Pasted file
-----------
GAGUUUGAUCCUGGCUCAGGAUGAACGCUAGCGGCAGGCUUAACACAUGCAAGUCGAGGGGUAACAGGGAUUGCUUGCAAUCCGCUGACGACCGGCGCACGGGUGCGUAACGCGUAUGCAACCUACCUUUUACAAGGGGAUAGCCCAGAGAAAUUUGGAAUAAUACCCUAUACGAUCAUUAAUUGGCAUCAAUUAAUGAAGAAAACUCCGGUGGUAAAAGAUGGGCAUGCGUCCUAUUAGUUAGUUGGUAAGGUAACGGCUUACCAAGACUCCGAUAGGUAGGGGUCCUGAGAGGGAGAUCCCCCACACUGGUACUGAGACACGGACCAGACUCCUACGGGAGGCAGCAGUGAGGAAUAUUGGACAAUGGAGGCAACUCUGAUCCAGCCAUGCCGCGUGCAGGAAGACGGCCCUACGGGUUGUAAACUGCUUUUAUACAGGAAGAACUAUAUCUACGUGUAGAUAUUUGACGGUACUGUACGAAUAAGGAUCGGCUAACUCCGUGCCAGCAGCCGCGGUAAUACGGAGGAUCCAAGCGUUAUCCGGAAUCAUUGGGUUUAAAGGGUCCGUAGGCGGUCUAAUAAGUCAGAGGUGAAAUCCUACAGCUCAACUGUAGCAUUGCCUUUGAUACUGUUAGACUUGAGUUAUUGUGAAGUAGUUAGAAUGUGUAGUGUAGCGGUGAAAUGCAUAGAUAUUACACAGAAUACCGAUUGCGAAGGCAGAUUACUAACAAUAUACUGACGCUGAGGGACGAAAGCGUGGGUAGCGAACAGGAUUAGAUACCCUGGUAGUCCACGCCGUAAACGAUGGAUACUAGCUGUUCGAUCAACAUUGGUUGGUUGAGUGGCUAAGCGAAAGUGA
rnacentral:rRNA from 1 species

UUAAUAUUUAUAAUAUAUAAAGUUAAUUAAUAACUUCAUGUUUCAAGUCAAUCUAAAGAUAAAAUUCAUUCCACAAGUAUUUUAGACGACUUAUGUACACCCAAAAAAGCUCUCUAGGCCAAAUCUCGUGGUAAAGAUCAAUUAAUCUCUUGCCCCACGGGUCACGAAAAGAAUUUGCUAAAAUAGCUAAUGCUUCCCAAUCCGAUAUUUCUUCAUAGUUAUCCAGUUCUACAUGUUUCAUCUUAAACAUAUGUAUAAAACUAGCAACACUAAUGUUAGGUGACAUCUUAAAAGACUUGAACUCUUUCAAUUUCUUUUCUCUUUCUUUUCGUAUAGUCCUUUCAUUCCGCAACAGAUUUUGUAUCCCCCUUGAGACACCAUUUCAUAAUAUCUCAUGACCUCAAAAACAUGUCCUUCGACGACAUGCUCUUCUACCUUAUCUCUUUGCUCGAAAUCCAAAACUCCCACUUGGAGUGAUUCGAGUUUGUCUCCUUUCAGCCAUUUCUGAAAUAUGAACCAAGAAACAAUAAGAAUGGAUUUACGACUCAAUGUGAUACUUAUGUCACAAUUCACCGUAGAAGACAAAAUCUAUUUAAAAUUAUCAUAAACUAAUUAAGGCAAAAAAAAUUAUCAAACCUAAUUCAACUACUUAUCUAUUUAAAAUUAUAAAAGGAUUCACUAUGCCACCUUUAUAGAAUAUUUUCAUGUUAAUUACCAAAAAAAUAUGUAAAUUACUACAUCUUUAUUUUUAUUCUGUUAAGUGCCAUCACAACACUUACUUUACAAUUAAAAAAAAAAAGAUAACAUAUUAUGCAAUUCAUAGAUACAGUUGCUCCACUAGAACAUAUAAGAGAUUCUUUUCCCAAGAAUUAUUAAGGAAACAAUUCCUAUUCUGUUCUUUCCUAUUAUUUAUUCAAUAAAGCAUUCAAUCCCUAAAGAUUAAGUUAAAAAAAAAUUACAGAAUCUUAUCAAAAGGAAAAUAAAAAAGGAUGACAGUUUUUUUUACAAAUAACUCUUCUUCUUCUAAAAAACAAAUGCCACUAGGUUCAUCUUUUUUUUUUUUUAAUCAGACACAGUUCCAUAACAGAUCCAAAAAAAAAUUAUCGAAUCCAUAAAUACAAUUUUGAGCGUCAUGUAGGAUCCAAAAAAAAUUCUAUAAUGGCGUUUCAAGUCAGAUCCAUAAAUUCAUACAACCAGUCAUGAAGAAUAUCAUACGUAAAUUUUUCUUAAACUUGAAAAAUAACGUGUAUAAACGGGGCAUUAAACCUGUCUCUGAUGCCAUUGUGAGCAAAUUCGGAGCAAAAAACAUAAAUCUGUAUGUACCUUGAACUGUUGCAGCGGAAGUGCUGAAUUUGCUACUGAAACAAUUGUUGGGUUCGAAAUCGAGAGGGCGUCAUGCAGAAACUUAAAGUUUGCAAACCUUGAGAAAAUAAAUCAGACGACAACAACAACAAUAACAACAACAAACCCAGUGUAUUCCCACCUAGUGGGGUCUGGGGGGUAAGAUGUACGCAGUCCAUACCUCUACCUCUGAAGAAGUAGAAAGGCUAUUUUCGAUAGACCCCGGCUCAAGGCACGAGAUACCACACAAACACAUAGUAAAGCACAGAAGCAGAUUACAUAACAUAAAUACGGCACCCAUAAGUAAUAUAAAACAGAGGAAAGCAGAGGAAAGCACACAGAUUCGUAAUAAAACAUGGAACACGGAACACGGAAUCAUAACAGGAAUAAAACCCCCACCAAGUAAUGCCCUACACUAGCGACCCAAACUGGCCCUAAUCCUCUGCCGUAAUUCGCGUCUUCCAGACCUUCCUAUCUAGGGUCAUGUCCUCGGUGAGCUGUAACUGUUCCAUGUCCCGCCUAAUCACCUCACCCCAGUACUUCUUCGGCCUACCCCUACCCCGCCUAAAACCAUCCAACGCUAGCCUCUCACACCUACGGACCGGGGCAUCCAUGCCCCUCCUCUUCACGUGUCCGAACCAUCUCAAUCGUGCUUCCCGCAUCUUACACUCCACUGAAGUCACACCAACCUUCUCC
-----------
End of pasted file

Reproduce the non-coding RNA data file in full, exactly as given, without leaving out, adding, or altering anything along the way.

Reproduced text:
GAGUUUGAUCCUGGCUCAGGAUGAACGCUAGCGGCAGGCUUAACACAUGCAAGUCGAGGGGUAACAGGGAUUGCUUGCAAUCCGCUGACGACCGGCGCACGGGUGCGUAACGCGUAUGCAACCUACCUUUUACAAGGGGAUAGCCCAGAGAAAUUUGGAAUAAUACCCUAUACGAUCAUUAAUUGGCAUCAAUUAAUGAAGAAAACUCCGGUGGUAAAAGAUGGGCAUGCGUCCUAUUAGUUAGUUGGUAAGGUAACGGCUUACCAAGACUCCGAUAGGUAGGGGUCCUGAGAGGGAGAUCCCCCACACUGGUACUGAGACACGGACCAGACUCCUACGGGAGGCAGCAGUGAGGAAUAUUGGACAAUGGAGGCAACUCUGAUCCAGCCAUGCCGCGUGCAGGAAGACGGCCCUACGGGUUGUAAACUGCUUUUAUACAGGAAGAACUAUAUCUACGUGUAGAUAUUUGACGGUACUGUACGAAUAAGGAUCGGCUAACUCCGUGCCAGCAGCCGCGGUAAUACGGAGGAUCCAAGCGUUAUCCGGAAUCAUUGGGUUUAAAGGGUCCGUAGGCGGUCUAAUAAGUCAGAGGUGAAAUCCUACAGCUCAACUGUAGCAUUGCCUUUGAUACUGUUAGACUUGAGUUAUUGUGAAGUAGUUAGAAUGUGUAGUGUAGCGGUGAAAUGCAUAGAUAUUACACAGAAUACCGAUUGCGAAGGCAGAUUACUAACAAUAUACUGACGCUGAGGGACGAAAGCGUGGGUAGCGAACAGGAUUAGAUACCCUGGUAGUCCACGCCGUAAACGAUGGAUACUAGCUGUUCGAUCAACAUUGGUUGGUUGAGUGGCUAAGCGAAAGUGA
rnacentral:rRNA from 1 species

UUAAUAUUUAUAAUAUAUAAAGUUAAUUAAUAACUUCAUGUUUCAAGUCAAUCUAAAGAUAAAAUUCAUUCCACAAGUAUUUUAGACGACUUAUGUACACCCAAAAAAGCUCUCUAGGCCAAAUCUCGUGGUAAAGAUCAAUUAAUCUCUUGCCCCACGGGUCACGAAAAGAAUUUGCUAAAAUAGCUAAUGCUUCCCAAUCCGAUAUUUCUUCAUAGUUAUCCAGUUCUACAUGUUUCAUCUUAAACAUAUGUAUAAAACUAGCAACACUAAUGUUAGGUGACAUCUUAAAAGACUUGAACUCUUUCAAUUUCUUUUCUCUUUCUUUUCGUAUAGUCCUUUCAUUCCGCAACAGAUUUUGUAUCCCCCUUGAGACACCAUUUCAUAAUAUCUCAUGACCUCAAAAACAUGUCCUUCGACGACAUGCUCUUCUACCUUAUCUCUUUGCUCGAAAUCCAAAACUCCCACUUGGAGUGAUUCGAGUUUGUCUCCUUUCAGCCAUUUCUGAAAUAUGAACCAAGAAACAAUAAGAAUGGAUUUACGACUCAAUGUGAUACUUAUGUCACAAUUCACCGUAGAAGACAAAAUCUAUUUAAAAUUAUCAUAAACUAAUUAAGGCAAAAAAAAUUAUCAAACCUAAUUCAACUACUUAUCUAUUUAAAAUUAUAAAAGGAUUCACUAUGCCACCUUUAUAGAAUAUUUUCAUGUUAAUUACCAAAAAAAUAUGUAAAUUACUACAUCUUUAUUUUUAUUCUGUUAAGUGCCAUCACAACACUUACUUUACAAUUAAAAAAAAAAAGAUAACAUAUUAUGCAAUUCAUAGAUACAGUUGCUCCACUAGAACAUAUAAGAGAUUCUUUUCCCAAGAAUUAUUAAGGAAACAAUUCCUAUUCUGUUCUUUCCUAUUAUUUAUUCAAUAAAGCAUUCAAUCCCUAAAGAUUAAGUUAAAAAAAAAUUACAGAAUCUUAUCAAAAGGAAAAUAAAAAAGGAUGACAGUUUUUUUUACAAAUAACUCUUCUUCUUCUAAAAAACAAAUGCCACUAGGUUCAUCUUUUUUUUUUUUUAAUCAGACACAGUUCCAUAACAGAUCCAAAAAAAAAUUAUCGAAUCCAUAAAUACAAUUUUGAGCGUCAUGUAGGAUCCAAAAAAAAUUCUAUAAUGGCGUUUCAAGUCAGAUCCAUAAAUUCAUACAACCAGUCAUGAAGAAUAUCAUACGUAAAUUUUUCUUAAACUUGAAAAAUAACGUGUAUAAACGGGGCAUUAAACCUGUCUCUGAUGCCAUUGUGAGCAAAUUCGGAGCAAAAAACAUAAAUCUGUAUGUACCUUGAACUGUUGCAGCGGAAGUGCUGAAUUUGCUACUGAAACAAUUGUUGGGUUCGAAAUCGAGAGGGCGUCAUGCAGAAACUUAAAGUUUGCAAACCUUGAGAAAAUAAAUCAGACGACAACAACAACAAUAACAACAACAAACCCAGUGUAUUCCCACCUAGUGGGGUCUGGGGGGUAAGAUGUACGCAGUCCAUACCUCUACCUCUGAAGAAGUAGAAAGGCUAUUUUCGAUAGACCCCGGCUCAAGGCACGAGAUACCACACAAACACAUAGUAAAGCACAGAAGCAGAUUACAUAACAUAAAUACGGCACCCAUAAGUAAUAUAAAACAGAGGAAAGCAGAGGAAAGCACACAGAUUCGUAAUAAAACAUGGAACACGGAACACGGAAUCAUAACAGGAAUAAAACCCCCACCAAGUAAUGCCCUACACUAGCGACCCAAACUGGCCCUAAUCCUCUGCCGUAAUUCGCGUCUUCCAGACCUUCCUAUCUAGGGUCAUGUCCUCGGUGAGCUGUAACUGUUCCAUGUCCCGCCUAAUCACCUCACCCCAGUACUUCUUCGGCCUACCCCUACCCCGCCUAAAACCAUCCAACGCUAGCCUCUCACACCUACGGACCGGGGCAUCCAUGCCCCUCCUCUUCACGUGUCCGAACCAUCUCAAUCGUGCUUCCCGCAUCUUACACUCCACUGAAGUCACACCAACCUUCUCC